Consumers have the option to purchase a warranty that allows them to download digital software after the initial purchase free of charge. Revenue for this product is recognized over either the estimated usage period when usage information is available, or ratably over the service period when usage information is not available.

        Revenue for site set up fees over $0.1 million is deferred and recognized on a straight-line basis over the life of the contract. We have determined that the site set up fees have no standalone value and therefore should be considered one unit of accounting along with our monthly fees to clients for hosting and managing their websites.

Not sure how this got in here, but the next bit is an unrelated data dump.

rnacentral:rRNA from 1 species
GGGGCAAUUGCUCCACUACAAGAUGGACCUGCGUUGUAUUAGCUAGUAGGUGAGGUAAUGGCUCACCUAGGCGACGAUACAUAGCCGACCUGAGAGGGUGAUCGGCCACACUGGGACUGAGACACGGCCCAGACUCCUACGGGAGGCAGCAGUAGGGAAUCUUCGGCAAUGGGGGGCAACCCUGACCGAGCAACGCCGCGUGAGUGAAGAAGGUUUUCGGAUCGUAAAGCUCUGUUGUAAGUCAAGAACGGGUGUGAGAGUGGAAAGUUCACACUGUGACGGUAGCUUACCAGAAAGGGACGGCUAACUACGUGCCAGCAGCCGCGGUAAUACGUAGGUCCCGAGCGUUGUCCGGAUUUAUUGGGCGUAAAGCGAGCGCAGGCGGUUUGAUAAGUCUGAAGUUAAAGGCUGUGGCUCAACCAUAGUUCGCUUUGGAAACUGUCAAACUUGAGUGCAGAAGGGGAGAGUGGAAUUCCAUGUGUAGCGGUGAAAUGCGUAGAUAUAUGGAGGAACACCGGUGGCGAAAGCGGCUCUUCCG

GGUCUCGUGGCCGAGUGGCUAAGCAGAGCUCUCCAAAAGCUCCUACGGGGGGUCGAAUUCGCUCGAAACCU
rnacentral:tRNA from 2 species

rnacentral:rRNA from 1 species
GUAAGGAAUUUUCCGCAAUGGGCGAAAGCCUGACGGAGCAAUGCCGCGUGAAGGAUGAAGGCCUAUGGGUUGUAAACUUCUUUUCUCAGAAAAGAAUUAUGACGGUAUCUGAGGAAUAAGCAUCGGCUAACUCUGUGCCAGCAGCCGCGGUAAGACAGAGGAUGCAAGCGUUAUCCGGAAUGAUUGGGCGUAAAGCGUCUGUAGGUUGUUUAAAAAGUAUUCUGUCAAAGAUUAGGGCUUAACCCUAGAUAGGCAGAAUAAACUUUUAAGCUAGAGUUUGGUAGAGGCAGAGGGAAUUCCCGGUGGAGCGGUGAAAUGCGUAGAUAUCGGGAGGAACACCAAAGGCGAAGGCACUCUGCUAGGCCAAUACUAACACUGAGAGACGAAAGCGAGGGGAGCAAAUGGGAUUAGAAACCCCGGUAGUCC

Allowance for Doubtful Accounts

        We must make estimates and assumptions that can affect the amount of assets and liabilities and the amounts of revenues and expenses we report in any financial reporting period. We use estimates in determining our allowance for doubtful accounts which are based on our historical experience and current trends. We must estimate the collectability of our billed accounts receivable. We analyze accounts receivable and consider our historical bad debt experience, customer credit-worthiness, current economic trends and changes in our customer payment terms when evaluating the adequacy of the

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DIGITAL RIVER, INC.

Notes to Consolidated Financial Statements (Continued)

December 31, 2012 and 2011

1. NATURE OF OPERATIONS AND SUMMARY OF SIGNIFICANT ACCOUNTING POLICIES (Continued)

allowance for doubtful accounts. We must make significant judgments and estimates in connection with the allowance in any accounting period. There may be material differences in our operating results for any period if we change our estimates or if the estimates are not accurate.

Credit Card Chargeback Reserve